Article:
Personal tools

Magnetism and Eletromagnetism

Cornell University_060120A
[Cornell University]


- Magnetism

Magnetism is a physical phenomenon, a highly diverse discipline, closely related to magnets and magnetic fields, which are triggered by the movement of electrical charges. 

Every substance is made up of tiny units called atoms. Every atom has electrons, particles that carry an electrical charge. Electrons spin like a top, orbiting the nucleus, or core. Their movement generates an electric current and causes each electron to act like a tiny magnet.

In most substances, the same number of electrons spins in opposite directions, canceling out their magnetism. This is why materials such as cloth or paper are considered weakly magnetic. In substances such as iron, cobalt and nickel, most electrons spin in the same direction. This makes the atoms in these substances strongly magnetic, but they are not yet magnets.

To be magnetized, another strongly magnetic substance must enter the magnetic field of an existing magnet. A magnetic field is the area around a magnet that has a magnetic force. 

All magnets have a north pole and a south pole. Opposites attract each other, like poles repel each other. When you rub a piece of iron along a magnet, the north-seeking poles of the atoms in the iron line up in the same direction. The forces produced by the aligned atoms create a magnetic field. That piece of iron became a magnet. 

Some substances can be magnetized by an electric current. When current flows through the coil, a magnetic field is generated. However, once the current is turned off, the magnetic field around the coil disappears.


Please refer to Mass Lowell: Formula Sheet - Electricity and Magnetism for more details.


- Electromagnetism

Magnetism and electricity are two fundamental aspects of electromagnetism - the branch of physics that studies the electromagnetic force and deals with electricity and magnetism and their interactions. It is a phenomenon that describes the interaction between electric and magnetic fields. There are two kinds of electromagnetic force: those associated with static charges and those associated with moving charges.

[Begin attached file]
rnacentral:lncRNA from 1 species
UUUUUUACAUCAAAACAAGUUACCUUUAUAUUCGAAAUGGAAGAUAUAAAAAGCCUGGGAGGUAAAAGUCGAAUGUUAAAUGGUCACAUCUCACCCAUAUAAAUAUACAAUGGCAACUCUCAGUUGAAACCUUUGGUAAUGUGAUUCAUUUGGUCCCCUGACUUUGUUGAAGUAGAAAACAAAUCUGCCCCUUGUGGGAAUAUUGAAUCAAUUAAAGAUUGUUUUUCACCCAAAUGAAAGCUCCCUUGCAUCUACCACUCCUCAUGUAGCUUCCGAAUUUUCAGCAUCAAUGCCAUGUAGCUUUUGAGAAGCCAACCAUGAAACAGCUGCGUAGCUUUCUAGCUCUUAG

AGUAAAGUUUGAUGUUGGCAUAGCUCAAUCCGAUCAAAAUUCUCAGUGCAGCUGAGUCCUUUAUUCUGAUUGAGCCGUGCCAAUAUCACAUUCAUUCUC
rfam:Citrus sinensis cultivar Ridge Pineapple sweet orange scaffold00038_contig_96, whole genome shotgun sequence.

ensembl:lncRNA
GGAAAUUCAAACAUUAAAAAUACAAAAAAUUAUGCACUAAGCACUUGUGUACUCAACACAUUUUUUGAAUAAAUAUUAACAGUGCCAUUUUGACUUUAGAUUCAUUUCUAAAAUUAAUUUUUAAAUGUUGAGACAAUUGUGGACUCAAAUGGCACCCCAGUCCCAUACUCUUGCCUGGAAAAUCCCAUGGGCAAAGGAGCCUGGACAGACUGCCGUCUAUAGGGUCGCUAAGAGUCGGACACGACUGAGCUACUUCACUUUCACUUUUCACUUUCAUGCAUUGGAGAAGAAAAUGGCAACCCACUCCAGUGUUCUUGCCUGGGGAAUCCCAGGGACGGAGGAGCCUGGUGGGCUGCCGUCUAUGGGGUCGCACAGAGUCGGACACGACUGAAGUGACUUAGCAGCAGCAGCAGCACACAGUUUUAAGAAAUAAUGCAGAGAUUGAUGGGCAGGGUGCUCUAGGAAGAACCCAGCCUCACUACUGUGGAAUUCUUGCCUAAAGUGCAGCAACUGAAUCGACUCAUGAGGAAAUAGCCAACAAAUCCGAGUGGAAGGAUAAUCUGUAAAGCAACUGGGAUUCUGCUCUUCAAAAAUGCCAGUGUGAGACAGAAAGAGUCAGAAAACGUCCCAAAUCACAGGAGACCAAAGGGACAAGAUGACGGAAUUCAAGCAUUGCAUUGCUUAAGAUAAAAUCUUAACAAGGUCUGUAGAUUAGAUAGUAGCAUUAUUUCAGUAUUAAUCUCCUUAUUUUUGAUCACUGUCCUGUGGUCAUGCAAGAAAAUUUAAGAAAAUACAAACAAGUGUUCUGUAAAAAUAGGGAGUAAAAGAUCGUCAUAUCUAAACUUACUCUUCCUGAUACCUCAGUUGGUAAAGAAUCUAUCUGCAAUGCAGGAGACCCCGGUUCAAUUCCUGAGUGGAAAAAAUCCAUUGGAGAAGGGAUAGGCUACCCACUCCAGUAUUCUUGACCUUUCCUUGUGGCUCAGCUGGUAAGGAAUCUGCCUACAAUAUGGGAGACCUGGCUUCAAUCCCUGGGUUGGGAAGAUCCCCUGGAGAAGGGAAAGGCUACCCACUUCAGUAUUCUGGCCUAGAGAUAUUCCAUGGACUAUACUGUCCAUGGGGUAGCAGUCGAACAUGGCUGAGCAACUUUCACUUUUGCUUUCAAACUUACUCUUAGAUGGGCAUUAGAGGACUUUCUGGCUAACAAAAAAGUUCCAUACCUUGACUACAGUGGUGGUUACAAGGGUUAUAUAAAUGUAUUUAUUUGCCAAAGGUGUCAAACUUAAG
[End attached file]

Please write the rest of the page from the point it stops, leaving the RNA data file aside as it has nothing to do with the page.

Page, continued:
Electromagnetic phenomena can be better described by saying that there are two kinds of charges, like charges repel each other, and unlike charges attract each other. The charge carried by protons is called positive charge, and the charge carried by electrons is called negative charge.


- Electromagnetism and Electromagnetic Force

In physics, electromagnetism is the interaction between charged particles through electromagnetic fields. Electromagnetism is one of the four fundamental forces of nature. It is the dominant force in the interaction of atoms and molecules. Electromagnetism can be thought of as a combination of electrostatics and magnetism, two distinct but closely intertwined phenomena. 

Electromagnetic force occurs between any two charged particles, causing attraction between particles with opposite charges and repulsion between particles with the same charge, whereas magnetism is an interaction that occurs only between charged particles in relative motion . These two effects combine to create an electromagnetic field near a charged particle, which can accelerate other charged particles through the Lorentz force. At high energies, the weak and electromagnetic forces are unified into a single electroweak force. 

The electromagnetic force is responsible for many chemical and physical phenomena observed in everyday life. The electrostatic attraction between the nucleus and its electrons holds the atoms together. Electricity also allows different atoms to combine into molecules, including large molecules such as proteins that form the basis of life. At the same time, the magnetic interaction between the electron's spin magnetic moment and angular momentum magnetic moment also plays a role in chemical reactions; spin chemistry studies this relationship. 

Electromagnetism also plays a vital role in modern technology: the production, conversion, and distribution of electrical energy; the generation and detection of light, heat, and sound; fiber optics and wireless communications; sensors; computing; electrolysis; electroplating; and mechanical motors and Actuator.



 [More to come ...]


Document Actions